Friday, September 29, 2006

Jericho (TV show) moves me

I am not sure why, but the new TV Show "Jericho" always leaves me in a high emotional estate. It could be that the father-son struggle portrayed reminds me of what my Dad and I went through. It may also be the result of seeing small kids in danger -- a normal reaction by most parents. Anyway, this is an awesome show.

The best jams ever!

If you want to try the best jams ever you really need to go to imladrisfarm. Talk about great jams! You barely taste the sugar in these great products. Forget the price -- they are worth every cent of what these folks are asking for!

Friday, September 22, 2006

We need NetForce!

Could it be possible? Could there be an organized effort to destroy it? As I read details of the latest Internet Explorer vulnerability, it dawned on me that the first websites to exploit the weakness came from Russia. I have nothing against Russia or its people -- but there has been a number of "black hat" programmers from the former USSR that have caused havoc amongst Internet users. Could this be a conspiracy to disrupt or destroy the ultimate capitalist symbol, the Internet? Could the Internet, rather than Internet Explorer, be under attack? Much of the world depends on the Internet for major parts of life: email, e-commerce, e-banking, etc. Email has already been crippled -- and the other sections are under constant attack. Could there really be an organized effort to destroy the Internet? Evidence clearly points in that direction.

Will it never stop?

A U.S. Senate committee has approved three bills that further undermine the established judicial system of checks and balances by allowing widespread surveillances without a court order. If you care about your privacy then you may want to read about these bills and act by communicating your thoughts to your representatives in Washington.

Monday, September 11, 2006

How long will we Office?

In his August 28 column, John Dvorak makes a point about why Microsoft Office, on the back of Word, will continue to be the dominant Office Suite. His messages are always interesting to read, whether you agree with his point or not. I happen to disagree with this one. Short term (which I define here as for the next five years) you may see the Microsoft Suite remain the dominant package. But there are too many others out there that can do as good a job. Economics alone will allow OpenOffice to make significant gains in market share. Various web-based programs will also erode Office's dominance. It is possible that the new Office 2007 innovations will do more to hurt than to help Microsoft -- that remains to be seen. Surely, the new version will require significant re-training by current users. The stability factor no longer will be completely in favor of the current champ. Listen to the wind -- it sings of changes ahead.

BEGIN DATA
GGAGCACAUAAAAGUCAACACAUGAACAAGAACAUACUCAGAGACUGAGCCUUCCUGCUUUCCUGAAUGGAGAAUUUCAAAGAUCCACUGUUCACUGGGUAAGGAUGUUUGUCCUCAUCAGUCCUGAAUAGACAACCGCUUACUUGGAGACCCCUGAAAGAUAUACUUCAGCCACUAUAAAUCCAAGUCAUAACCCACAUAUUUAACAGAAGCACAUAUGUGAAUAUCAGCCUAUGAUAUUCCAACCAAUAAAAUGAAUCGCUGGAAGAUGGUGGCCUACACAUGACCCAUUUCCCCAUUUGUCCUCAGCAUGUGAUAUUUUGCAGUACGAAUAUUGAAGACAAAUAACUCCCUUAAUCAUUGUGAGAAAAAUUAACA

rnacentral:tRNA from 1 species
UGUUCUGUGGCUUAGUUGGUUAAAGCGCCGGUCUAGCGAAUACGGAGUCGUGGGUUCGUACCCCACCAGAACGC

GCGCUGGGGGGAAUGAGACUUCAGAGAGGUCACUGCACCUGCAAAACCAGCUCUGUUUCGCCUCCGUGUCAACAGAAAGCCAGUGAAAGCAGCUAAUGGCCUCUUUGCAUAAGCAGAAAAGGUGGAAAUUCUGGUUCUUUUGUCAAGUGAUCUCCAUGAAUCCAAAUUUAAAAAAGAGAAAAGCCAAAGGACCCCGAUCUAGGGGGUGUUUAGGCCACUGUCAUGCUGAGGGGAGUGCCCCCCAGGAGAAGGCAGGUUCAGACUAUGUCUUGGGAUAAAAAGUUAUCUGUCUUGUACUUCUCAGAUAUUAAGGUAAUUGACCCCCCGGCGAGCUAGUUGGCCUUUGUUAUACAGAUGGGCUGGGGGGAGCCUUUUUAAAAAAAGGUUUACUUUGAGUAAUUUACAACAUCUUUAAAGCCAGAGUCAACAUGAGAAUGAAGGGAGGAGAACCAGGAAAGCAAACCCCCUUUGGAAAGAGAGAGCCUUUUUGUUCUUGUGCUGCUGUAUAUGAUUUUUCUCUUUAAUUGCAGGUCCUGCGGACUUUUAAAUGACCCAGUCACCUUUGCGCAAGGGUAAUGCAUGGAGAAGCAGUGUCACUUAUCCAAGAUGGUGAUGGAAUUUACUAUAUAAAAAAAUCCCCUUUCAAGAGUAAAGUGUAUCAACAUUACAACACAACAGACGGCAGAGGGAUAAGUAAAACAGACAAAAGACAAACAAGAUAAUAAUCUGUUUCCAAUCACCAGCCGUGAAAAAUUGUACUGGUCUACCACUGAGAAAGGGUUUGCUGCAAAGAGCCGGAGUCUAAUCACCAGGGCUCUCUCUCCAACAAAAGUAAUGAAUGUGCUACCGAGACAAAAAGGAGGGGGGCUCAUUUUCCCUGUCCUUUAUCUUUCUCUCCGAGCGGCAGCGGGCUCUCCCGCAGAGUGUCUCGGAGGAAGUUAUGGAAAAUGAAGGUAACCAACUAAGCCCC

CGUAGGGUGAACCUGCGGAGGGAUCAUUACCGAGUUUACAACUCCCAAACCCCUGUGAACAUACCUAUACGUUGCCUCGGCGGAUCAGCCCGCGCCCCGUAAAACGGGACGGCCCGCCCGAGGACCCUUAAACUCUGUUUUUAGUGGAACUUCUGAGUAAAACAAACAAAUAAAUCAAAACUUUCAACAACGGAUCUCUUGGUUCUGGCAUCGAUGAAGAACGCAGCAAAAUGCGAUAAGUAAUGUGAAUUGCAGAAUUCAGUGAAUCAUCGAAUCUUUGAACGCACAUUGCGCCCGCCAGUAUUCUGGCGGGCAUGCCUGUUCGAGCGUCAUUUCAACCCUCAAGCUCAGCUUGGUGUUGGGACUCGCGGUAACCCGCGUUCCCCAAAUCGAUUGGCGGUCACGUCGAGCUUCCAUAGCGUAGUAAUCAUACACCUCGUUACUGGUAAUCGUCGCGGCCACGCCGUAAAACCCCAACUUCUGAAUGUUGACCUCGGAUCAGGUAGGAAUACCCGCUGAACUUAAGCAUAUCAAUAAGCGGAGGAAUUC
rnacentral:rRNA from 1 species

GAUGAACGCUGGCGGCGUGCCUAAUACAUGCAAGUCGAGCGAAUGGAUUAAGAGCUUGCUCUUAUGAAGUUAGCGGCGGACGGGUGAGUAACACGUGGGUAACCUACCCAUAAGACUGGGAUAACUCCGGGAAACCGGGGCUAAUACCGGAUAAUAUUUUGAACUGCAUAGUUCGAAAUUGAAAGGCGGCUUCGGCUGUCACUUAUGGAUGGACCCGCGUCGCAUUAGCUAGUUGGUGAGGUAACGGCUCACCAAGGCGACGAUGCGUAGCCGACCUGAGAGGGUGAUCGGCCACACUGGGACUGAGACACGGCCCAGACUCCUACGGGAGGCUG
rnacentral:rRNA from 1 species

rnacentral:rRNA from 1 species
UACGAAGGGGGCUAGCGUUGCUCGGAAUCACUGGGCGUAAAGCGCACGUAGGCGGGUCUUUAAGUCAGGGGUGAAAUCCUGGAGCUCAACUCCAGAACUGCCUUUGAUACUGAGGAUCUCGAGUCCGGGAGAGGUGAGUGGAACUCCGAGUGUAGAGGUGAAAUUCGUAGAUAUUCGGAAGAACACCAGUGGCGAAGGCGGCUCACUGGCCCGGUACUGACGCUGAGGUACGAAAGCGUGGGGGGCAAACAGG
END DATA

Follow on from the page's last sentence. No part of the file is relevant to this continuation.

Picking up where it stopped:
Tuesday, September 05, 2006

When boundaries fade

I see an interesting trend in computer technology. With Apple's migration to Intel chips, many users are installing the Windows OS in Apple computers. That was unimaginable a few years ago. It gives Microsoft an interesting opportunity to expand into a market it once thought closed. However, the picture gets even more interesting when you introduce virtualization. Now, we can have several operating systems running side by side in the same computer. It gives OS X, should Apple wake up and realize this huge opportunity, an opening into the previously-closed PC world. But which OS will be the "host" system of choice? Will Linux finally make it through? It certainly can do a great job at managing resources and providing stability and security. Those are critical factors of any virtual host OS. It seems obvious that major players are counting on significant growth in the virtualization technology; why would Microsoft and VMWare give away their virtualization products otherwise? I believe they are setting up the industry to finally come to realize the many benefits of virtualization. And as the previously well-defined boundaries of what OS runs in what platform melt away, I also predict that hardware vendors will benefit greatly by the increased demands virtualization will put on equipment (more RAM, faster CPUs, etc.). Indeed, it is an exciting time to be in the computer field. More importantly, all of us need to set aside preconceived notions and be receptive to new concepts. Change is the only constant in the world of computers.